Matter of Bae v Industrial Bd. of Appeals
Decided on March 26, 2013
Published by New York State Law Reporting Bureau pursuant to Judiciary Law § 431.
This opinion is uncorrected and subject to revision before publication in the Official Reports.
Gonzalez, P.J., Sweeny, Renwick, Manzanet-Daniels, Roman, JJ.
Determinations of respondent Industrial Board of Appeals, dated September 9, 2011, and December 14, 2011, which, respectively, inter alia, directed respondent Commissioner of Labor to recalculate a wage order dated August 27, 2009, and issue an amended wage order, and, upon application for reconsideration, adhered to the prior determination, unanimously confirmed, the petition denied, and the proceeding brought pursuant to CPLR article 78 (transferred to this Court by order of Supreme Court, New York County [Alexander W. Hunter, Jr., J.], entered on or about February 23, 2012) dismissed, without costs.
Substantial evidence supports the Board's determination that the claimant, Mehmet Aydin, worked 56 hours per week at petitioners' dry cleaning plants from August 2000 until January 30, 2005, and is entitled to unpaid overtime and interest (see 300 Gramatan Ave. Assoc. v State Div. of Human Rights, 45 NY2d 176, 181 ). Aydin testified that, during this period, he worked from 7:30 or 8 a.m. until 6 p.m. on weekdays and from 8 a.m. until 5 p.m. on Saturdays. The burden then shifted to petitioners to produce evidence of "the precise amount of work [he] performed" or to undermine "the reasonableness of the inference to be drawn from [his] evidence" (see Anderson v Mt. Clemens Pottery Co., 328 US 680, 687 ; see Matter of D & D Mason Contrs., Inc. v Smith, 81 AD3d 943, 944 [2d Dept 2011], lv denied 17 NY3d 714 ; Matter of Hy-Tech Coatings v New York State Dept. of Labor, 226 AD2d 378, 379 [2d Dept 1996]). Petitioners admit that they maintained no records of Aydin's hours for the relevant time period; they attempted to reconstruct those hours. The Board was entitled to credit Aydin's testimony and to discredit petitioners' reconstruction, which was based upon a series of estimates and extrapolations that rested on dubious or unsubstantiated assertions, including monthly dry cleaning revenue figures (see Matter of Cafe La China Corp. v New York State Liq. Auth., 43 AD3d 280, 281 [1st Dept 2007]).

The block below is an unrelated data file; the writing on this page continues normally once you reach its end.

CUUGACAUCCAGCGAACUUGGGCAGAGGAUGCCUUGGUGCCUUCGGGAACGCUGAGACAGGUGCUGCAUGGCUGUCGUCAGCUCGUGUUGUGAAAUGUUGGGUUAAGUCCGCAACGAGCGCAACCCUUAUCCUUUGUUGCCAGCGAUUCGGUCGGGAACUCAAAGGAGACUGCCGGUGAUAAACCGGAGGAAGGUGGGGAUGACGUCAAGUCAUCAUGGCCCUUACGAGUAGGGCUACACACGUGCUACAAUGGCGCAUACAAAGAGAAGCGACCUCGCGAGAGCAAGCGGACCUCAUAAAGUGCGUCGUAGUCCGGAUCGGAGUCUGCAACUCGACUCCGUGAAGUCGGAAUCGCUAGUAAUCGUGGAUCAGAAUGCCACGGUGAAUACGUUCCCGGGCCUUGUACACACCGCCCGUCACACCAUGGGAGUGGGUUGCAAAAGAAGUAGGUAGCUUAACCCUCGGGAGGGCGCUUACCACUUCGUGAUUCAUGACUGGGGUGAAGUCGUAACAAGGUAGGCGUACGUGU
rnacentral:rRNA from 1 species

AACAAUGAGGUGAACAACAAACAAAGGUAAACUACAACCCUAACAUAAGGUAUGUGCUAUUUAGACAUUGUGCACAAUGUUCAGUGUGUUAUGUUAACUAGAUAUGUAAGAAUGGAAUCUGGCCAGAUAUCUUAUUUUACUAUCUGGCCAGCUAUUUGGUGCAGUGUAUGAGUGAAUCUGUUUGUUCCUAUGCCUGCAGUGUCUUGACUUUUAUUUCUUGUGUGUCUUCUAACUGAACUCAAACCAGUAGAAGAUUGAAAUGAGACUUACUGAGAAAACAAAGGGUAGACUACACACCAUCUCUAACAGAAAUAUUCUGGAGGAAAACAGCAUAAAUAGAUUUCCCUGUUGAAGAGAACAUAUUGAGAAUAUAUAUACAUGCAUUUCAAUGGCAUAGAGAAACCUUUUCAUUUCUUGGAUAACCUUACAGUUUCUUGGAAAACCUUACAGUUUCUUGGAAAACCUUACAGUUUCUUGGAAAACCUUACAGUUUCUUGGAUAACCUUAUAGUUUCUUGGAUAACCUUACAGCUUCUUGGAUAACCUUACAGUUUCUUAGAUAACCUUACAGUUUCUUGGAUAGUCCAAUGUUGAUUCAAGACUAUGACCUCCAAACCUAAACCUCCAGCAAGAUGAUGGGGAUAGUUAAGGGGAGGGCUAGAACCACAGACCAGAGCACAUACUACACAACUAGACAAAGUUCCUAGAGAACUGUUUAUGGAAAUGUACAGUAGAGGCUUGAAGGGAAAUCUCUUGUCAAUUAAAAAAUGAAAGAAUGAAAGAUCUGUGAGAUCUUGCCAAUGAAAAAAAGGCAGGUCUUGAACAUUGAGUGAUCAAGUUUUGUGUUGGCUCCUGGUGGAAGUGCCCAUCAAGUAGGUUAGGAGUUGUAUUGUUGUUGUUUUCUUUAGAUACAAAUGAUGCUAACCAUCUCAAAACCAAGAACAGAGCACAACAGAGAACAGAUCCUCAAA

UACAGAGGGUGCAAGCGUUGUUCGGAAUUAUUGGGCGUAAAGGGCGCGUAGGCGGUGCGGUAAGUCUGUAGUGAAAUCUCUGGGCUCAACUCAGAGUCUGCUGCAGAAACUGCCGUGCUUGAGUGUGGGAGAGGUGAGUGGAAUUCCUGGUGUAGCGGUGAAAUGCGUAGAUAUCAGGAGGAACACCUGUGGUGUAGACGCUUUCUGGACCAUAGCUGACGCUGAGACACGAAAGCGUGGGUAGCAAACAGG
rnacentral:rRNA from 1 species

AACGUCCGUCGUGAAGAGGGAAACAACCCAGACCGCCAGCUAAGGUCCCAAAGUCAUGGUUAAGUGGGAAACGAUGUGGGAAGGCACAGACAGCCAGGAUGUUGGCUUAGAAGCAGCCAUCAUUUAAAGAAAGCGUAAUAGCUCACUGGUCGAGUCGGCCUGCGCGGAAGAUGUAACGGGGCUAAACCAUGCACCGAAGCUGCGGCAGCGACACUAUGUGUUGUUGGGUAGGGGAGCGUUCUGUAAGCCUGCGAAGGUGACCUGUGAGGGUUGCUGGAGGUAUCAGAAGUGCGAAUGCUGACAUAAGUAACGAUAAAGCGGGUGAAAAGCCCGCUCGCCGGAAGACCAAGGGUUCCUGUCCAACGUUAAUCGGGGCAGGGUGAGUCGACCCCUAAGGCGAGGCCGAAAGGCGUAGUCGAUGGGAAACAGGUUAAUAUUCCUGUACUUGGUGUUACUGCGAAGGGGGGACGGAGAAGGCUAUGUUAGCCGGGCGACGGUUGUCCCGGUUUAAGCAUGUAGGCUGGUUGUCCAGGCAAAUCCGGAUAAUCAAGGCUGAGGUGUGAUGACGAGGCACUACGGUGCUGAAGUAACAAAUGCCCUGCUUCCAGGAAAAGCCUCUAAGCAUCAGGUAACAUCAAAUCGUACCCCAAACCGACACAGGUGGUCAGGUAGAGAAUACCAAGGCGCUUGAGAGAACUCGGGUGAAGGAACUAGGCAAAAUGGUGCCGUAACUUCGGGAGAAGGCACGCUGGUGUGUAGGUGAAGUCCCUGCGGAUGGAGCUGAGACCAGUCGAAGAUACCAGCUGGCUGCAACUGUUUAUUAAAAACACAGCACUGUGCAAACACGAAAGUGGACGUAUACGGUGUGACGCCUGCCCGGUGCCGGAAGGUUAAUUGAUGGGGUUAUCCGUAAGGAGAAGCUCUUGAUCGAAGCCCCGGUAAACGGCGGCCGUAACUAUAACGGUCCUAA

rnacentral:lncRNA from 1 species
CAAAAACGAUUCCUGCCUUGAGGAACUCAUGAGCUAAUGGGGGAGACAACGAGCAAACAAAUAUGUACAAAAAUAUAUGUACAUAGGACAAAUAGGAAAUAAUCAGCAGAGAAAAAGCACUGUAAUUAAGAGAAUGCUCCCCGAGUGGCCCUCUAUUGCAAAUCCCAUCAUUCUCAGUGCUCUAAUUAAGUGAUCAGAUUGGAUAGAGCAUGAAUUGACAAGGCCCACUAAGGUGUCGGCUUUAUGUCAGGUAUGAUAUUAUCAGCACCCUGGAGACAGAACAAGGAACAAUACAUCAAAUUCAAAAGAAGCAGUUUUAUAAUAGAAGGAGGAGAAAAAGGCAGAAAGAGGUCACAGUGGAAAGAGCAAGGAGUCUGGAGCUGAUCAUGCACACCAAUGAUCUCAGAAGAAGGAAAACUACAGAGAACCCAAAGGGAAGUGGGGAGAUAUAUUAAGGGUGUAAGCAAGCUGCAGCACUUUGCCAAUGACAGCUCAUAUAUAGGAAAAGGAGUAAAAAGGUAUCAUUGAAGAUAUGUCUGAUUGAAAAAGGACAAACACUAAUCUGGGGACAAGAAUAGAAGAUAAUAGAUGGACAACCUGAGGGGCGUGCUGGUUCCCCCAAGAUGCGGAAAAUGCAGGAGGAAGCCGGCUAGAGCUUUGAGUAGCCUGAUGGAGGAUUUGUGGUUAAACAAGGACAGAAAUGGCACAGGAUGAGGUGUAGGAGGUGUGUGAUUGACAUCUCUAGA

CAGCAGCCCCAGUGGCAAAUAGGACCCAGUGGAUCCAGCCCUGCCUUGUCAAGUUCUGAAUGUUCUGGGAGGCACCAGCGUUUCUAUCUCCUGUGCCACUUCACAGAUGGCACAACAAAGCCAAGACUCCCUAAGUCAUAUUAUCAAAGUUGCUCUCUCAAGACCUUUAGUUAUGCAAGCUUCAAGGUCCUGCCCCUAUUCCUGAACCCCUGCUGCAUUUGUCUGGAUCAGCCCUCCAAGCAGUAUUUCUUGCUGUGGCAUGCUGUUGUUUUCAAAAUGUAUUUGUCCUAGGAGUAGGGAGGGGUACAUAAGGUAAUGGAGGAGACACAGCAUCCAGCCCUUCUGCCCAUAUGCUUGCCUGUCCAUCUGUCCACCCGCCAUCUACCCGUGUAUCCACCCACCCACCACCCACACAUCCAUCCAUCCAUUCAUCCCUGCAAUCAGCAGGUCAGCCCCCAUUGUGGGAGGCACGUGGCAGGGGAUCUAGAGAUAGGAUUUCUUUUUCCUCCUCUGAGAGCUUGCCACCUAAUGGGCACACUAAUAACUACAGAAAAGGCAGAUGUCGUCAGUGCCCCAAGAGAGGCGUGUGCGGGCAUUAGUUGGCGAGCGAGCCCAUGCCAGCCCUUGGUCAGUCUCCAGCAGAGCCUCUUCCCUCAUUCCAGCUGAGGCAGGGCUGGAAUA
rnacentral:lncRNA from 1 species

Petitioners failed to show that the hearing was tainted by bias or that they were otherwise deprived of their right to due process (see Matter of Hughes v Suffolk County Dept. of Civ. Serv., 74 NY2d 833 ; Matter of Sunnen v Administrative Rev. Bd. for Professional Med. Conduct, 244 AD2d 790 [3d Dept 1997], lv denied 92 NY2d 802 ).
We have considered petitioners' remaining arguments and find them unavailing.
THIS CONSTITUTES THE DECISION AND ORDER OF THE SUPREME COURT, APPELLATE DIVISION, FIRST DEPARTMENT.
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